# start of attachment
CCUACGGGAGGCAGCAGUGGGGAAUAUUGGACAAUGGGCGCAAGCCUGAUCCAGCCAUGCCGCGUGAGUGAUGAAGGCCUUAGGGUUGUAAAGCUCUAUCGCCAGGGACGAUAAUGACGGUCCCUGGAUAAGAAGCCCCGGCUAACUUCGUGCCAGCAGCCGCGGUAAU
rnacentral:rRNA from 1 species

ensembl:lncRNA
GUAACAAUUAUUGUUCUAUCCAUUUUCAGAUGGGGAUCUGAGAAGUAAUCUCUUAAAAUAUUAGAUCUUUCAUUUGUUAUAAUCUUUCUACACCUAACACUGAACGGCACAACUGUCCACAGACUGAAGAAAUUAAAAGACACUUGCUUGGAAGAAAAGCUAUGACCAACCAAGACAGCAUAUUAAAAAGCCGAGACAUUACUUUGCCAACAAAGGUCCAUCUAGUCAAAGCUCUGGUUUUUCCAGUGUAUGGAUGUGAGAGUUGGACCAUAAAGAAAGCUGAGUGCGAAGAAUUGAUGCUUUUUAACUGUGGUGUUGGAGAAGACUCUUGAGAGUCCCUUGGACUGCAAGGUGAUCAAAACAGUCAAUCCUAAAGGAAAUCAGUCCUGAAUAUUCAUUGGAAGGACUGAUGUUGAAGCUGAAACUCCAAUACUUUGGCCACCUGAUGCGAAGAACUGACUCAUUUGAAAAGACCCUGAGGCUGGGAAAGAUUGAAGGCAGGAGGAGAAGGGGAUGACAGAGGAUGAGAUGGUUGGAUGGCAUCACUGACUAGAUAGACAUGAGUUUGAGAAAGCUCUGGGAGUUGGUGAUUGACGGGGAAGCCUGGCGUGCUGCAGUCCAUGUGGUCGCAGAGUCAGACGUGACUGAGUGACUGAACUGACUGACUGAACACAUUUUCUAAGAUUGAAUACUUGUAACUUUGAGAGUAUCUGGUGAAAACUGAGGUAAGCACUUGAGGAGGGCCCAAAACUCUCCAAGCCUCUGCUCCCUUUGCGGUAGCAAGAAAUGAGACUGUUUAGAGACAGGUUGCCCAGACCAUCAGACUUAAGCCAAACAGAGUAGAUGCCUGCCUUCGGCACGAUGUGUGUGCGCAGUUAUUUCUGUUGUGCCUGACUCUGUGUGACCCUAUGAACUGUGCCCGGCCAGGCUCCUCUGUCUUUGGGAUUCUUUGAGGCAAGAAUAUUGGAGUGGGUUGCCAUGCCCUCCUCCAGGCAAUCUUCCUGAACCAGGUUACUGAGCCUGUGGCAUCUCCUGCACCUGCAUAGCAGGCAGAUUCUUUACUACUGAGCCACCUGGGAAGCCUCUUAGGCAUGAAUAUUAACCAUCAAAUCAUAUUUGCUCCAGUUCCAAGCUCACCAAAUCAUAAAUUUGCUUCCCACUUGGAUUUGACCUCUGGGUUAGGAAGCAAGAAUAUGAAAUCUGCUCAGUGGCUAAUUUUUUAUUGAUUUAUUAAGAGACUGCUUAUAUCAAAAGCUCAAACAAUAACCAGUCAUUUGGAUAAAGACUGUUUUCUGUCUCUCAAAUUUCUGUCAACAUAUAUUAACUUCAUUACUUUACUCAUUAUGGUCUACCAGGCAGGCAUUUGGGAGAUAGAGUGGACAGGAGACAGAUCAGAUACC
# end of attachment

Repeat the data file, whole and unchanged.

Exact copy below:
CCUACGGGAGGCAGCAGUGGGGAAUAUUGGACAAUGGGCGCAAGCCUGAUCCAGCCAUGCCGCGUGAGUGAUGAAGGCCUUAGGGUUGUAAAGCUCUAUCGCCAGGGACGAUAAUGACGGUCCCUGGAUAAGAAGCCCCGGCUAACUUCGUGCCAGCAGCCGCGGUAAU
rnacentral:rRNA from 1 species

ensembl:lncRNA
GUAACAAUUAUUGUUCUAUCCAUUUUCAGAUGGGGAUCUGAGAAGUAAUCUCUUAAAAUAUUAGAUCUUUCAUUUGUUAUAAUCUUUCUACACCUAACACUGAACGGCACAACUGUCCACAGACUGAAGAAAUUAAAAGACACUUGCUUGGAAGAAAAGCUAUGACCAACCAAGACAGCAUAUUAAAAAGCCGAGACAUUACUUUGCCAACAAAGGUCCAUCUAGUCAAAGCUCUGGUUUUUCCAGUGUAUGGAUGUGAGAGUUGGACCAUAAAGAAAGCUGAGUGCGAAGAAUUGAUGCUUUUUAACUGUGGUGUUGGAGAAGACUCUUGAGAGUCCCUUGGACUGCAAGGUGAUCAAAACAGUCAAUCCUAAAGGAAAUCAGUCCUGAAUAUUCAUUGGAAGGACUGAUGUUGAAGCUGAAACUCCAAUACUUUGGCCACCUGAUGCGAAGAACUGACUCAUUUGAAAAGACCCUGAGGCUGGGAAAGAUUGAAGGCAGGAGGAGAAGGGGAUGACAGAGGAUGAGAUGGUUGGAUGGCAUCACUGACUAGAUAGACAUGAGUUUGAGAAAGCUCUGGGAGUUGGUGAUUGACGGGGAAGCCUGGCGUGCUGCAGUCCAUGUGGUCGCAGAGUCAGACGUGACUGAGUGACUGAACUGACUGACUGAACACAUUUUCUAAGAUUGAAUACUUGUAACUUUGAGAGUAUCUGGUGAAAACUGAGGUAAGCACUUGAGGAGGGCCCAAAACUCUCCAAGCCUCUGCUCCCUUUGCGGUAGCAAGAAAUGAGACUGUUUAGAGACAGGUUGCCCAGACCAUCAGACUUAAGCCAAACAGAGUAGAUGCCUGCCUUCGGCACGAUGUGUGUGCGCAGUUAUUUCUGUUGUGCCUGACUCUGUGUGACCCUAUGAACUGUGCCCGGCCAGGCUCCUCUGUCUUUGGGAUUCUUUGAGGCAAGAAUAUUGGAGUGGGUUGCCAUGCCCUCCUCCAGGCAAUCUUCCUGAACCAGGUUACUGAGCCUGUGGCAUCUCCUGCACCUGCAUAGCAGGCAGAUUCUUUACUACUGAGCCACCUGGGAAGCCUCUUAGGCAUGAAUAUUAACCAUCAAAUCAUAUUUGCUCCAGUUCCAAGCUCACCAAAUCAUAAAUUUGCUUCCCACUUGGAUUUGACCUCUGGGUUAGGAAGCAAGAAUAUGAAAUCUGCUCAGUGGCUAAUUUUUUAUUGAUUUAUUAAGAGACUGCUUAUAUCAAAAGCUCAAACAAUAACCAGUCAUUUGGAUAAAGACUGUUUUCUGUCUCUCAAAUUUCUGUCAACAUAUAUUAACUUCAUUACUUUACUCAUUAUGGUCUACCAGGCAGGCAUUUGGGAGAUAGAGUGGACAGGAGACAGAUCAGAUACC